There is a new SAS Training Course list for 2017Q4

There is now a new Training Course list for 2017Q4, which can be downloaded from here. The courses available in 2016 and early 2017 are still there, but had added a new course to the list:

  • ½ day Defensive SAS Programming training

I’m also developing some new SAS-related courses, based on the SAS course, which you can accelerate to production status by requesting them:

  • ½ day SAS Data Step training
  • ½ day SAS PROC SQL training
  • ½ day SAS macros training

Your interest in any of these courses will result in them being developed as priority tasks!

My published Training Course list is for companies, the SAS course is for individuals

I published a list of available training courses for 2017 in January this year, but this course list is actually intended for companies, and not for individuals, as the courses have a fixed price no matter how many people attend them. All the training materials are personalised and supplied in digital form, and so can be duplicated for that client to re-use internally.

Individuals looking for SAS training should subscribe to the SAS course in the SAS Programming Forum instead, which is specifically targeted at individual SAS learners and programmers, and is priced as a low-cost monthly subscription. However, the SAS Programming Forum is not just there for the SAS course, but can be used to get answers to any SAS-related questions you may have too, even if they are from homework or interview questions.

See “Making Graphs Easier to Validate – The Benefits of ODS Graphics” at SAS Global Forum in Orlando

Are you attending SAS Global Forum in April this year? If you are then you have the opportunity to see me present “Making Graphs Easier to Validate – The Benefits of ODS Graphics” on Wednesday 5 April from 1100-1150hr. I’ll be in the Americas Seminar Room on Dolphin Level 5 at the Walt Disney World Swan and Dolphin Resort in Orlando, Florida. In this presentation I’ll be talking about how to make your graphs easier to validate by using ODS Graphics and a lot of common sense!

However, maybe you are not going to be in Orlando in April, but you and your colleagues would still like to see me present on this topic. What can you do about that? Well it should still be possible, because I’m currently developing a 1/2 day training session which I’m calling “Defensive SAS Programming”. This will include “Making Graphs Easier to Validate – The Benefits of ODS Graphics”, but also “Writing Reusable Macros” and another new topic “The Art of Defensive Programming: How to Cope with Unseen Data”.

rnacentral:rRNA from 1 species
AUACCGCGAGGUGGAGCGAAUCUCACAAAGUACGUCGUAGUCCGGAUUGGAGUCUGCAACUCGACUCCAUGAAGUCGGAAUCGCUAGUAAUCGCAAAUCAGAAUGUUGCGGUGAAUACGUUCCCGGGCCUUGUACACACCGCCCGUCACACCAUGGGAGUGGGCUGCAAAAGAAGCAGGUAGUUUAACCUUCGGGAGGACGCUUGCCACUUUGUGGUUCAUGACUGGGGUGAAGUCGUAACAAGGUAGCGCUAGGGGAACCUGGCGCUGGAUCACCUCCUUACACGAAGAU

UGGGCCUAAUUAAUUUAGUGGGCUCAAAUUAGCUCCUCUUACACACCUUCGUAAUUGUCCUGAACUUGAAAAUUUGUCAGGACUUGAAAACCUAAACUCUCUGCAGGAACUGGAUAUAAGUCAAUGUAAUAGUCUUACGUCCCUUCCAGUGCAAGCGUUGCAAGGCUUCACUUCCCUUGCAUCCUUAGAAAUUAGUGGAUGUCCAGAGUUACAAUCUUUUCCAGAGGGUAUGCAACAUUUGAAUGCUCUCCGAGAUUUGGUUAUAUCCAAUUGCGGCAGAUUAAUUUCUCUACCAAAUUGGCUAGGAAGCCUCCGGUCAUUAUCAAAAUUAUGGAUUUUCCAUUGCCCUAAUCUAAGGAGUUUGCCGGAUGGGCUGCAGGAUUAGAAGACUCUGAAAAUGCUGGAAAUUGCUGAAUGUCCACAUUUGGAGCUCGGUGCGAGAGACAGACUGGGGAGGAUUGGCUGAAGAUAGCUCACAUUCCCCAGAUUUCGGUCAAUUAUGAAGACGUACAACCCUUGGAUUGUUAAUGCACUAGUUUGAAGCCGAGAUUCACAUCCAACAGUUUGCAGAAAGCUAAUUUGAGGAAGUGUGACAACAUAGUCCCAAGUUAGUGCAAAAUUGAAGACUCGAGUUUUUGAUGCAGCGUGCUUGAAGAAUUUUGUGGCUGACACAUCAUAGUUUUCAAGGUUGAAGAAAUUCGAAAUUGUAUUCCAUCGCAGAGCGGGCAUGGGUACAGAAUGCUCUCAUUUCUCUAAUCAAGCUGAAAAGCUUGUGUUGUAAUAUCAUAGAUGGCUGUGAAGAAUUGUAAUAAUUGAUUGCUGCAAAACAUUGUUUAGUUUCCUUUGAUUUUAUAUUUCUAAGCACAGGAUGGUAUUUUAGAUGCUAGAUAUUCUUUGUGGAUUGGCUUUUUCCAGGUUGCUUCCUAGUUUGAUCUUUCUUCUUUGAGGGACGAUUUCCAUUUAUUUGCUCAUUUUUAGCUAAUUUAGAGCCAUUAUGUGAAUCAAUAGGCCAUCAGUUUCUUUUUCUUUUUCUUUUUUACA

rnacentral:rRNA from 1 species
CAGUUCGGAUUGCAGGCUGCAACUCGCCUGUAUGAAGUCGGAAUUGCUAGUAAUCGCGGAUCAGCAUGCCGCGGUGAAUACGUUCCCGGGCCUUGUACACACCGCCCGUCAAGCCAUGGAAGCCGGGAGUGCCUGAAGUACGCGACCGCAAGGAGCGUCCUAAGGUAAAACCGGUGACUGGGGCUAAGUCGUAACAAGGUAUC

You’ll see from the link above that I don’t have to be in the room with you to present, therefore I could present through your company’s video-conferencing system from my own office at home to your conference room wherever you are instead. The “Available” and “Coming Soon” training sessions can all be booked in advance, but the “Coming Soon” training sessions will be developed specifically for you, if you are the first to request them.

Going back to “Making Graphs Easier to Validate – The Benefits of ODS Graphics”, this presentation and paper will be available for download from the Product Shop shortly after it is presented for the first time, but may also be available from the SAS Global Forum site before the conference too!

I’m looking forward to SAS Global Forum, and hope to see you there, or elsewhere in the near future!

There is now a new Training Course list for 2017

There is now a new Training Course list for 2017, which can be downloaded from here. The courses available in 2016 are still there, but I’m developing some new SAS-related courses, based on the SAS course, which you can accelerate to production status by requesting them:

  • ½ day SAS Data Step training
  • ½ day SAS PROC SQL training
  • ½ day SAS macros training
  • ½ day Defensive SAS Programming training

Your interest in any of these courses will result in them being developed as priority tasks!

Skills needed by a good SAS programmer apart from programming

You have a certificate from SAS saying you can program, and you have been offered a job as a SAS programmer. Well done! So what happens now?

Hopefully your new employer will arrange for SAS training for you, and then you’ll be given a computer to run your SAS programs on. If you are lucky you’ll be in a team of SAS programmers where some are experienced enough to assist you. However, your team may only include inexperienced programmers like yourself, so how do you get answers to your questions?

Do:
(1) Research: Search Google for possible answers to your questions. This may produce links to http://support.sas.com or http://www.lexjansen.com, so try these links first.
(2) Experiment: Try out these suggestions to see which work for your situation.
(3) Discuss: Talk about these solutions with your colleagues.

Do not:
(1) Delegate: Post vague questions on forums in the hope that someone will write your program for you. You will never improve your skills by using someone else to do it for you.
(2) Break copyright: Post any company data on the web or in external emails.